Star is Born, A (2018)Reviewed By Peter Sobczynski
Posted 09/30/18 22:35:49
(Worth A Look)
Considering that the two previous iterations of the cinematic warhorse that is “A Star is Born”—the masterful 1954 version with Judy Garland and James Mason and the fairly laughable 1976 take co-starring Barbra Streisand and Kris Kristofferson—both arrived in theaters amidst astonishing levels of promotional ballyhoo, it is perhaps only fitting that a new take would hit multiplexes while riding a wave of hype that is ordinarily only seen today in films featuring the words “Star” and “Wars” together in the title. And yet, the hoopla surrounding this one, which has only grown further since rapturous screenings at the Venice and Toronto Film Festivals, has now gotten so excessive that some people are claiming that it is not just the best variation of this particular story but one of the great films of all time as well as being the immediate front-runner in this year’s awards scrum. There are few films that could live up to such expectations and this one, when all is said and done, is not quite one of them. This is not to say that it isn’t good—it is a well-made and entertaining take on an old chestnut and features a debut screen performance (assuming we are overlooking her jokey bit part in the “Machete” sequel) that could legitimately be considered a star-making turn. However, anyone going into the film expecting a masterpiece for the ages definitely needs to dial down expectations—not only is it not one of the greatest films ever made, it is not even the best version of this particular story by a long shot.The basic narrative, which got its first run-through in a non-musical 1937 version starring Janet Gaynor and Frederic March, is by now so embedded into the cultural consciousness that even those who have never seen it before in any version will pretty much know it by heart. Jackson Maine (Bradley Cooper, who also co-wrote the screenplay and makes his directorial debut) is a country-rock singer for whom immense fame has taken an undeniable toll—he is an addict who downs enormous amounts of booze and drugs in order to pull himself together enough to simply go through the motions of his life, he is suffering from an ever-worsening case of tinnitus and not even the thrill of performing his music for his fans is able to cut through the torpor that now defines his life anymore. One night, following another by-the-numbers concert at another sold-out enormodome, he runs out of booze in his limo and abandons it to slip into the first bar that he can find. This happens to be a drag bar where the featured performer—the only female and the only one who is not lip-syncing—turns out to be Ally (Lady Gaga), a waitress who slays the crowd with her rendition of “La Vie en Rose.” In the middle of the number, their eyes meet and. . . well, if she weren’t already singing “La Vie en Rose,” it would almost certainly be swelling on the soundtrack at that point.
After the show, he meets up with her backstage and takes her out for the night, an excursion that finds her getting into a brawl in a cop bar and confessing that she has all but put her dreams of musical stardom aside—too many record company weasels like her sound but not her oddball look and while a prolific songwriter, she is loathe to sing her own tunes in public. At the end of the night—well, morning—Jackson is off to another gig and Ally returns to the home she shares with her dad (played by, of all people, Andrew Dice Clay) and what she presumes will be nothing more than memories of one strange night. That all changes when Jackson flies her out to his show and then unexpectedly brings her up on stage in front of thousands of people to sing one of her songs, a moment that makes her an overnight star when clips of the impromptu performance go viral.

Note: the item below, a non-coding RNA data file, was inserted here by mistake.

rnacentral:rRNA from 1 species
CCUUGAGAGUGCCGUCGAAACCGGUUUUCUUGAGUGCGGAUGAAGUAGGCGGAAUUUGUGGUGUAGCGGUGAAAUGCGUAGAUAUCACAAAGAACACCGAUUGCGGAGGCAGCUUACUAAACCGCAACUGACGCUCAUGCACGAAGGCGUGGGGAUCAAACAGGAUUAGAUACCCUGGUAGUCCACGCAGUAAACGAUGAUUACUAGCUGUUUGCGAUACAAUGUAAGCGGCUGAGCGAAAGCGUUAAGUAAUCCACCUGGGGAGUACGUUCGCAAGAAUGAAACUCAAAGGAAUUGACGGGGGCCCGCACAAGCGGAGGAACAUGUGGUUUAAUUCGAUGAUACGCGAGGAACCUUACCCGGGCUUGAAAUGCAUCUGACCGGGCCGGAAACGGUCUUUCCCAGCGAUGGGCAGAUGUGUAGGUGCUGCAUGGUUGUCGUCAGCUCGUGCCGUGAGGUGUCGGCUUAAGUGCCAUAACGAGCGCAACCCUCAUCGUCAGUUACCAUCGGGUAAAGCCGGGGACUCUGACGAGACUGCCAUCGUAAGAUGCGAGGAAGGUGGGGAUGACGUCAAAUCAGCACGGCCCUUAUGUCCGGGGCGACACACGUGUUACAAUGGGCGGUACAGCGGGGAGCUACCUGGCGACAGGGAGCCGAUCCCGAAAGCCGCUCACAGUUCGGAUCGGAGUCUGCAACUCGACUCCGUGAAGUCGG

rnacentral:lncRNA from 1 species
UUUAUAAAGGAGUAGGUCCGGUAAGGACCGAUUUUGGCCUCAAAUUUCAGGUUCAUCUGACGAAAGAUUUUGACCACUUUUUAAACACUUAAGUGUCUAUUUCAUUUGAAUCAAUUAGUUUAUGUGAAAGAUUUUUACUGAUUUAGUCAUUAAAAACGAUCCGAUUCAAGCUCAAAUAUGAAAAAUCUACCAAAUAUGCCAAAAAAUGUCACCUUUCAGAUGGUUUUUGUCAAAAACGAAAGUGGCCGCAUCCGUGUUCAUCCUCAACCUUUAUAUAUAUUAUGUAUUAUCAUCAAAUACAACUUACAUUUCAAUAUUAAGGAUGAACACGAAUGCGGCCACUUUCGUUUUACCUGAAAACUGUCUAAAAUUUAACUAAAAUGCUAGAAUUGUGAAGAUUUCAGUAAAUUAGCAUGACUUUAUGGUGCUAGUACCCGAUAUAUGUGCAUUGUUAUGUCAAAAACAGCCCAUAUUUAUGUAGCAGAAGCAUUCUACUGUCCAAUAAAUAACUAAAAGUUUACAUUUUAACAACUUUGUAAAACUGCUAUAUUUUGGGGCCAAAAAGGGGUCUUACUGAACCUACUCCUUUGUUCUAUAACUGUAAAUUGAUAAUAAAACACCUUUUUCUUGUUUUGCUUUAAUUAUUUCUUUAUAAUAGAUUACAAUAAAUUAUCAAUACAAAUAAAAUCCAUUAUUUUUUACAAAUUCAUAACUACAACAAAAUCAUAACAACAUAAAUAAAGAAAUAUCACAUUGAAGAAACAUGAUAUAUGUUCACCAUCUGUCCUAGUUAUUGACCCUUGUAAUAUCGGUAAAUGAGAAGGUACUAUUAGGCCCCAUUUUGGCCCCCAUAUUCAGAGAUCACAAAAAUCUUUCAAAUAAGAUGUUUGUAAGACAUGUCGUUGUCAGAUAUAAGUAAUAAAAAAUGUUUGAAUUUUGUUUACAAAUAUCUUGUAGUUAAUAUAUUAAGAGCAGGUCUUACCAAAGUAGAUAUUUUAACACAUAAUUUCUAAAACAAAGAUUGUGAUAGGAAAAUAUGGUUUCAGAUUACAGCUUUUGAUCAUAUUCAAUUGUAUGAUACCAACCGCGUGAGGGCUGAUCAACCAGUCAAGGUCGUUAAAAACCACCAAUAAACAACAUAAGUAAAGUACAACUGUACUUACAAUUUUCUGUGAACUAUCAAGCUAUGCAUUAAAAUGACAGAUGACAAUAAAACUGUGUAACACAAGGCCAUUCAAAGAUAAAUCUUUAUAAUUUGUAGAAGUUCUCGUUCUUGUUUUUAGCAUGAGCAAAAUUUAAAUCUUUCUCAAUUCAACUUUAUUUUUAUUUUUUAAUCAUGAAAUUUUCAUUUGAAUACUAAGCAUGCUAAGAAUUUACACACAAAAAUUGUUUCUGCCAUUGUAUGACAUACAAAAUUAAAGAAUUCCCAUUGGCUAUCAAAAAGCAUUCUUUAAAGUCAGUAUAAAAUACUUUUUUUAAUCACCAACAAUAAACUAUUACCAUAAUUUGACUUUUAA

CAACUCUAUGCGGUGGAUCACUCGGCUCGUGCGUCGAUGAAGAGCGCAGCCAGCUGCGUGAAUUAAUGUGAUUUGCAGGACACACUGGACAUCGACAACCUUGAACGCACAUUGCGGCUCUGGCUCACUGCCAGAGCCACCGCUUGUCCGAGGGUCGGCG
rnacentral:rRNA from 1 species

You pretty much known the rest from here. Recognizing the obvious chemistry between them, both on and off the stage, Jackson and Ally begin a romantic relationship and at about the same time that soon culminates in marriage, the hype that begins to develop around Abby as a result of the video has the record companies clamoring to make a deal. At first, Jackson is happy with Ally’s instant success but he feels a certain amount of resentment over how quickly she is embraced by the public that spills out when he derides her for her more overtly pop-oriented music. While his career continues on the same level as before, hers shoots into the stratosphere and sends him back to self-medication in a big way leading to a hideously embarrassing moment for Jackson during Ally’s moment of triumph at the Grammys. After that, he genuinely tries to pull himself together and succeeds for a while until the demons come back, culminating in the inevitable sequence of heartbreak, tragedy and—Spoiler Alert—a climactic performances from “Mrs. Ally Maine.”
Presumably recognizing that the basic plot of “A Star is Born” has delivered time and again for over 80 years, Cooper has wisely resisted the urge to mess with the fundamental elements of the storyline in any significant way. At the same time, however, one needs to figure out ways to freshen up the story for contemporary audiences. In remaking the 1937 original, which dealt with an over-the-hill actor and an ingenue, George Cukor wisely took advantage of Judy Garland’s talents as an actress and as a singer by making the character a double threat as well. On the other hand, the 1976 version tried to make things more modern by placing it in the frenzied world of the rock music industry—a not-bad idea that it then throughly sabotaged by casting two singers who, while undeniably accomplished, were anything but rockers. In bringing the story up to date, Cooper and co-writers Eric Roth and Will Fetters have certainly improved on the 1976 version—not exactly the most insurmountable of bars—but still stumbles here and there. Shooting at authentic locations ranging from Coachella to the “SNL” stage, Cooper does an effective job of conveying the heady rush that comes from being in the center of the action, even if it is a sensation that Jackson has long ceased to recognize himself. On the other hand, the film doesn’t really have much to say about the current state of the music industry as a whole—while there are any number of issues that could come under the microscope, the film seems content to have the dark side of the industry represented entirely by a single record company weasel (Ravi Gavron) who frankly could have come directly out of the Streisand version without requiring anything in the way of a rewrite. I’m not saying that the film needed to be a searing expose of the industry but my guess is that most viewers, weaned on the Internet and magazines like “Rolling Stone” and “Entertainment Weekly,” might have appreciated the additional sense of verisimilitude.